Your eight-character password can be cracked in about eight hours, using brute force attacks — even if you add in numbers, mix up the cases and throw in a special character or three. Odds are high that eight-hour window will soon be even shorter. To combat this, many companies added multifactor authentication (MFA) into their process to keep their data, applications and systems safe. According to a Microsoft study, MFA was the most adopted security tool since the beginning of the pandemic. But does this really work at a corporate scale?
Multifactor Authentication Under Attack
Not surprisingly, threat actors now target those security measures. However, there’s also good news. A recovery phone number, a common MFA measure, stopped 100% of automated bot attacks and 99% of bulk phishing attacks. However, the multifactor authentication method prevented only 70% of targeted attacks.
Because you can’t prevent issues you are unaware of, you need to stay informed about how threat actors are currently launching MFA attacks. The FBI pinpointed four types of attacks designed to get around MFA tech and processes:
SIM swapping – Multifactor authentication means that the threat actors need physical access to a device in most cases. So, attackers turned to SIM switching. They switch the employee’s physical SIM card to a phone they have physical access to, or they create a fake SIM card. This allows them to access the PIN code or other personal key sent to the employee.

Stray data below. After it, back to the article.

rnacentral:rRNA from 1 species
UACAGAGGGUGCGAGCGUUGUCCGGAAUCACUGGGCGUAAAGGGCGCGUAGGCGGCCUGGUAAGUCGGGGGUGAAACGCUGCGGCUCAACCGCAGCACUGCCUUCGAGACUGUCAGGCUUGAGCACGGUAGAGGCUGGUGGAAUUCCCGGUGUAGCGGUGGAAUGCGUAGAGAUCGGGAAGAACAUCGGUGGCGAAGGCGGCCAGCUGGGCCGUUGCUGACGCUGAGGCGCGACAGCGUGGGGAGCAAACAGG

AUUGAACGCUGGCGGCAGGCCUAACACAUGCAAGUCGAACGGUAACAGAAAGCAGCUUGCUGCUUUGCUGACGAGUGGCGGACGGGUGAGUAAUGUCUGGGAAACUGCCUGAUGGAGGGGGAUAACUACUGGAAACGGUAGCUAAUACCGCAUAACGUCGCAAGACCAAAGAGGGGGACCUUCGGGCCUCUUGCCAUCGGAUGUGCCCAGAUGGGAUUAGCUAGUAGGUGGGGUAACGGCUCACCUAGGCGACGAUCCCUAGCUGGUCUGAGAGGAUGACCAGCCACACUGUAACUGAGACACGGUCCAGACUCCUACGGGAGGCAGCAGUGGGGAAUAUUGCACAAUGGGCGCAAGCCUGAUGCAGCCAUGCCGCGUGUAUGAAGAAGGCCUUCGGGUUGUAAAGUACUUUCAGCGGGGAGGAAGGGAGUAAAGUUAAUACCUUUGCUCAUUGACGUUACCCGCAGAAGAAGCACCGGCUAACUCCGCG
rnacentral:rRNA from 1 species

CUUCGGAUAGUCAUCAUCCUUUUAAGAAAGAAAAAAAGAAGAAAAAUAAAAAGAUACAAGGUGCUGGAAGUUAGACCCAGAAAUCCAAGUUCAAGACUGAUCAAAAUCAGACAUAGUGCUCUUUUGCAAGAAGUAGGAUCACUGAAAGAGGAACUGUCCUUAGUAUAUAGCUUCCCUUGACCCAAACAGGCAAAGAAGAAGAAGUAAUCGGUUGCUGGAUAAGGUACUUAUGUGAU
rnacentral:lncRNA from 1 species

Technical loopholes – Other threat actors change the MFA to accept false PIN numbers. To do this, they trick the MFA system into thinking the attacker entered the correct PIN. While this type of attack can be more challenging to accomplish, it can be very effective when done correctly.
Social engineering – Multifactor authentication often relies on the employee being able to verify themselves by inputting personal details. That means threat actors are now turning to other ways to get those. Attackers might call telecommunications representatives to provide information that allows MFAs to be successfully completed.
Phishing – Threat actors also use phishing schemes to convince employees to provide them with personal details. By sending links to fake websites, threat actors collect the data the person enters, and then use that to complete the MFA process. This kind of attack often mentions current events or trends to increase the likelihood of a user falling victim.
Cybersecurity Tips for Remote Workers
With the increase in remote working and the higher security risk that comes with it, many employers added MFA to reduce password breaches. However, simply adding multifactor authentication — especially with remote workers — doesn’t decrease or remove the risk of password theft. Because remote workers are often logging in from personal devices and on unsecured networks, the likelihood that someone can bypass MFA increases.
Does MFA keep your employees safe from password theft? Short answer: Not really. The longer version of that answer is that you can take several steps to improve the effectiveness of MFA with remote security.